Shaivism (Shaiva philosophy)Source: Brill: Śaivism and the Tantric Traditions
Vedin (वेदिन्) refers to “those who know (the Tantras)”, according to the Jayadrathayāmala, Ṣaṭka 1 verse 13.3–18::—Accordingly, “And that [initiation] is either a Samayadīkṣā or Nirvāṇādīkṣā, divided into two because it has two natures. Now the Samayadīkṣā is further twofold because of a difference in the result. [The first] bestows adhikāra [and] follows the practices of jñāna and yoga, [the second] destroys the latent impressions of that [soul?] and bestows a state of eternal pervasion [with the deity]. [That is known] by the firm ones who know the Tantras (tantra-vedin). [...]
Shaiva (शैव, śaiva) or Shaivism (śaivism) represents a tradition of Hinduism worshiping Shiva as the supreme being. Closely related to Shaktism, Shaiva literature includes a range of scriptures, including Tantras, while the root of this tradition may be traced back to the ancient Vedas.
General definition (in Hinduism)Source: Shodhganga: Elements of Art and Architecture in the Trtiyakhanda of the Visnudharmottarapurana (h)
Vedī (वेदी) refers to the “sacrificial ground” (i.e., “a ground for offering materials specifically to God”).—In the Śatapathabrāhmaṇa it is stated that by worshiping fire in the Vedic age, the devotees or the sages obtained saṃvīd i.e., the entire earth and as because they were able to obtain this entire earth by it, therefore the, sacrificial ground is called vedī. According to the Taittirīyabrāhmaṇa, also the earth itself is regarded as altar. Thus the concept of the vedī or a ground for offering materials specifically to God of worship emerged in the Vedic era. Again after making the vedī, the concept of idol worship came into existence.
Tibetan Buddhism (Vajrayana or tantric Buddhism)Source: MDPI Books: The Ocean of Heroes
Vedī (वेदी) refers to “altars”, according to the 10th-century Ḍākārṇava-tantra: one of the last Tibetan Tantric scriptures belonging to the Buddhist Saṃvara tradition consisting of 51 chapters.—Accordingly, [while describing the Merit Circle (guṇacakra)]: “[...] He should make [mantras of all Yoginīs] on all circles [in this manner]. Outside that, he should give a circle, [on which there are] two lines [colored] black and dark blue. Gates, arched doorways, and altars (vedī) are [on the circle], adorned with garlands of pearls and half-garlands of pearls. [...] Two colors should be evenly assigned [to them] in accordance with the [directions they] face, respectively. [...]”.
Tibetan Buddhism includes schools such as Nyingma, Kadampa, Kagyu and Gelug. Their primary canon of literature is divided in two broad categories: The Kangyur, which consists of Buddha’s words, and the Tengyur, which includes commentaries from various sources. Esotericism and tantra techniques (vajrayāna) are collected indepently.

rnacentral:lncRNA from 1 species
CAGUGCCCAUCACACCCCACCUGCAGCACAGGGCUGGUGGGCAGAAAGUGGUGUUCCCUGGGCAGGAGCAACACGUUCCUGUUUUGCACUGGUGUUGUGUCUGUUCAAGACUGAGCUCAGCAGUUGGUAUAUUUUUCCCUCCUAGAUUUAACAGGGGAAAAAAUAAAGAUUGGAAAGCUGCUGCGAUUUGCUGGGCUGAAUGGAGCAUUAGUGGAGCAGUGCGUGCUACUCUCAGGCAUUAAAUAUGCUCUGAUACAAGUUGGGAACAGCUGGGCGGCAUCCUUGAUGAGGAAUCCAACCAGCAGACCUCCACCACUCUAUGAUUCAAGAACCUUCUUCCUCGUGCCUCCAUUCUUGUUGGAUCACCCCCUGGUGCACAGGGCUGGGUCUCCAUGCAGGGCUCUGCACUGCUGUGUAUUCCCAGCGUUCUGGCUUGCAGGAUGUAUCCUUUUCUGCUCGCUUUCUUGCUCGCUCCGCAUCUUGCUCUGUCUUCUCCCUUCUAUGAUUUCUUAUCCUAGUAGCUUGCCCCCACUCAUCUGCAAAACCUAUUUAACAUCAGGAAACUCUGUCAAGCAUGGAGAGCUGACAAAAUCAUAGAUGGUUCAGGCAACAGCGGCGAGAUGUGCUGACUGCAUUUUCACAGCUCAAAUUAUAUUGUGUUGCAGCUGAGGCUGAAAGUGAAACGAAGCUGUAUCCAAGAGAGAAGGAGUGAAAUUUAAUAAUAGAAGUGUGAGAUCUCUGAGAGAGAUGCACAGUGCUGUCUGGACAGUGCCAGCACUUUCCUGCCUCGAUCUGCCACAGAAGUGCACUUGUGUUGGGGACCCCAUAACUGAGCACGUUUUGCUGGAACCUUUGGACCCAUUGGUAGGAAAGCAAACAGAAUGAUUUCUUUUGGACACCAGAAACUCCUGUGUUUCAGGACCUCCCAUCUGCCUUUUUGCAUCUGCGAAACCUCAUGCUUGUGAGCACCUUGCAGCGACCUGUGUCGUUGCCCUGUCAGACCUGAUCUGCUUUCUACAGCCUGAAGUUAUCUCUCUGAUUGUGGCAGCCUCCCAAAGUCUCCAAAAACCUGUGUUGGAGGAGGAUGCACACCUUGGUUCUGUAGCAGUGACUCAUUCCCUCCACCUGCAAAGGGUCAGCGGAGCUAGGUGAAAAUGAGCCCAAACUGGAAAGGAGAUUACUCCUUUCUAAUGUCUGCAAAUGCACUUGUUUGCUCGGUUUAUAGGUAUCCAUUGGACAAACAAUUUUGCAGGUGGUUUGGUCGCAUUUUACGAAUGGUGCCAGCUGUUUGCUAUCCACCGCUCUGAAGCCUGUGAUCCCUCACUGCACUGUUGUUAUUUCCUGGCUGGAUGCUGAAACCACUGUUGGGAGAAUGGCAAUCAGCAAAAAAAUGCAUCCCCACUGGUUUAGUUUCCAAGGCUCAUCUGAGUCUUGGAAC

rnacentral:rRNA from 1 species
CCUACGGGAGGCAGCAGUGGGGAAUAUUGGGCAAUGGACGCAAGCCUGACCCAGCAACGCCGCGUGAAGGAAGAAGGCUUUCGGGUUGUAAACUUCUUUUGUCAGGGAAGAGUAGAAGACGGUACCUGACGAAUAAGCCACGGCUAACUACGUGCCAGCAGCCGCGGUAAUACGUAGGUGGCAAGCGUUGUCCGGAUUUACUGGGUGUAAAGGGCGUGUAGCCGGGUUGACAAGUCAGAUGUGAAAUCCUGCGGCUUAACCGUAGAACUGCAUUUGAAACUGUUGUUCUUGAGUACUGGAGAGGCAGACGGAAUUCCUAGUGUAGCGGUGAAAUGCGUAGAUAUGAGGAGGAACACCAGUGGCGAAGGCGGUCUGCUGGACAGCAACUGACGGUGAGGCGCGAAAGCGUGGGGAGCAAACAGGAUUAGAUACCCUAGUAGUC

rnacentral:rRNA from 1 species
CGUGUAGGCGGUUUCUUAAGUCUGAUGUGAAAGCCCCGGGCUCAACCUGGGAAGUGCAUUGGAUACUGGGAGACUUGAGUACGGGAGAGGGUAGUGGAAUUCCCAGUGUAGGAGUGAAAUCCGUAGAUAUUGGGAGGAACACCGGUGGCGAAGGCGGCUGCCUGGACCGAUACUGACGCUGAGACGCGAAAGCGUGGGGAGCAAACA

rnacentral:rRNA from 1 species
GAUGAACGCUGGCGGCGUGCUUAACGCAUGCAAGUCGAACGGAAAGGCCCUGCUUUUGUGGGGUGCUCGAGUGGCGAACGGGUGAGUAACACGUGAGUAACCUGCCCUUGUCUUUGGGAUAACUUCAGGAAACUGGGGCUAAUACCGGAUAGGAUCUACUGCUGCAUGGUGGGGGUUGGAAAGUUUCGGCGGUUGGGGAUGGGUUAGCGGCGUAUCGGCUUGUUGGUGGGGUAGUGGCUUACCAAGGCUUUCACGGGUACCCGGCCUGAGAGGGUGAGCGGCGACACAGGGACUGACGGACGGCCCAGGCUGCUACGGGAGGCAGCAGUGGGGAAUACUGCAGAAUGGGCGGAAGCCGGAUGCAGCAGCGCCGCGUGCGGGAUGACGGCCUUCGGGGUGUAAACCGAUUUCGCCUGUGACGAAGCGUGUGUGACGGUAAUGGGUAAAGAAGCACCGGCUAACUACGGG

India history and geographySource: Cologne Digital Sanskrit Dictionaries: Indian Epigraphical Glossary
Vedi.—(EI 32), a seat; also a raised platform (cf. vedikā). See JBRS, Vol. XXXIX, Parts 1-2, pp. 43-44, 47; Ep. Ind., Vol. XXXV, p. 192. Note: vedi is defined in the “Indian epigraphical glossary” as it can be found on ancient inscriptions commonly written in Sanskrit, Prakrit or Dravidian languages.Source: Singhi Jain Series: Ratnaprabha-suri’s Kuvalayamala-katha (history)
Vedī (वेदी) refers to the “fire altar”, according to Uddyotanasūri in his 8th-century Kuvalayamālā (a Prakrit Campū, similar to Kāvya poetry).—The Kuvalayamala (779 A.D.) is full of cultural material which gains in value because of the firm date of its composition. [...] Page 170.21 f.: Twenty-four items are mentioned in connection with the marriage of Kuvalayamālā, [for instance, colouring of the fire altar (vedī)], [...].
The history of India traces the identification of countries, villages, towns and other regions of India, as well as mythology, zoology, royal dynasties, rulers, tribes, local festivities and traditions and regional languages. Ancient India enjoyed religious freedom and encourages the path of Dharma, a concept common to Buddhism, Hinduism, and Jainism.
Languages of India and abroad
Pali-English dictionarySource: BuddhaSasana: Concise Pali-English Dictionary
vedi : (aor. of vidati) knows. || vedī (f.) a platform; a railing.Source: Sutta: The Pali Text Society's Pali-English Dictionary
Vedi, & Vedī (f.) (Vedic vedi sacrificial bench) ledge, cornice, rail Mhvs 32, 5; 35, 2; 36, 52 (pāsāṇa°); 36, 103; Vv 8416 (=vedikā VvA. 346).—See on term Dial. II. 210; Mhvs. tsrln 220, 296. Cp. vedikā & velli. (Page 648)
Pali is the language of the Tipiṭaka, which is the sacred canon of Theravāda Buddhism and contains much of the Buddha’s speech. Closeley related to Sanskrit, both languages are used interchangeably between religions.
Marathi-English dictionarySource: DDSA: The Molesworth Marathi and English Dictionary